(Editor's note: The following is the latest installment in a series of fishing tips presented by The Bass University. Check back each Friday for a new tip.)
David Dudley’s been studying the swimbait game since it first made national waves, and he considers it a trend that is still on an upward trajectory. With each passing year, it usurps more territory from other techniques, to the point where he almost always has two specific rods on the deck of his boat: one for a swimbait and one for his reliable wacky worm.
“This is a technique that you need to get familiar with,” he said.
He’s picky about his swimbaits, though, and has tested dozens of them to find the ones he likes best.
“Not all swimbaits work,” he explained. “It actually makes me puke how many swimbaits are out there that I can just call a liar.”
Even if you have the right lure, it’s critical to match it to a properly-designed and appropriately-weighted jighead. “The motor is the jighead,” he said, meaning that if you don’t use the right amount, it won’t make the tail vibrate adequately. He believes that bass can be exceptionally picky about unrealistic jigheads, so he wants natural looking eyes, and he won’t settle for anything other than Gamakatsu hooks. He and his son pour them at home and surprisingly he doesn’t like them painted. “I cannot stand a painted head. I hate it with a passion.”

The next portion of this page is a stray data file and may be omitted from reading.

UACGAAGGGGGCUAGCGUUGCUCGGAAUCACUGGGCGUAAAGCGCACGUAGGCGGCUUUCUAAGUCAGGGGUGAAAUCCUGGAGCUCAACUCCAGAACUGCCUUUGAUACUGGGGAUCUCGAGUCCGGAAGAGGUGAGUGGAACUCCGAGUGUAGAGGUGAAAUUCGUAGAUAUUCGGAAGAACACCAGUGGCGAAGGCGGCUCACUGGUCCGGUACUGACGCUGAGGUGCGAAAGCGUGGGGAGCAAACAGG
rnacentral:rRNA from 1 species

With straight-tailed swimbaits, he almost always uses an underspin. When it comes to boot-tails, he divides them among solid-bodied models (like a Keitech) and hollow bodies. In the latter categories, some of his favorites come from 6th Sense, Berkley, and Basstrix. Of the latter, he said “They’re basically double-dipped.” That means you can peel off the outer layer, so you have to be careful.
The hollow versions excel when fishing big schools where you’re likely to catch “20 or 30 bass in one place.” The solid ones are better for “nickel and diming” or for mop up duty for after you think you’ve caught most of the aggressive bass.
He fishes 3.8” lures on a 7’2” medium-heavy Profishiency Rod, and the 4.3” or 4.8”, as well as hollow bodies, on a 7’6” medium-heavy. In fact, he doesn’t use any baitcasting rods lighter than a medium-heavy. “It’s like a cult that believes in that soft-tip junk.”
As for a reel, when asked what gear ratio to use he’s not specific: “Whatever. I don’t care. It’s all a discipline thing.”
He is picky about his line, though. He’s a stickler for a braided main line, usually 20- or 30-pound. “I feel so many more bites,” he said. To that he attaches a fluorocarbon leader of 10- to 16-pound, depending on cover, water clarity and expected fish size. He uses a length of line that comes down to just above his reel and attaches it with an Alberto Knot.
If you want to learn some of the other aspects of Dudley’s swimbait secrets, including his favorite colors for solid-bodied boot-tails and the best ways to prepare a bucktail for success, check out his full video, available only by subscribing to The Bass University TV.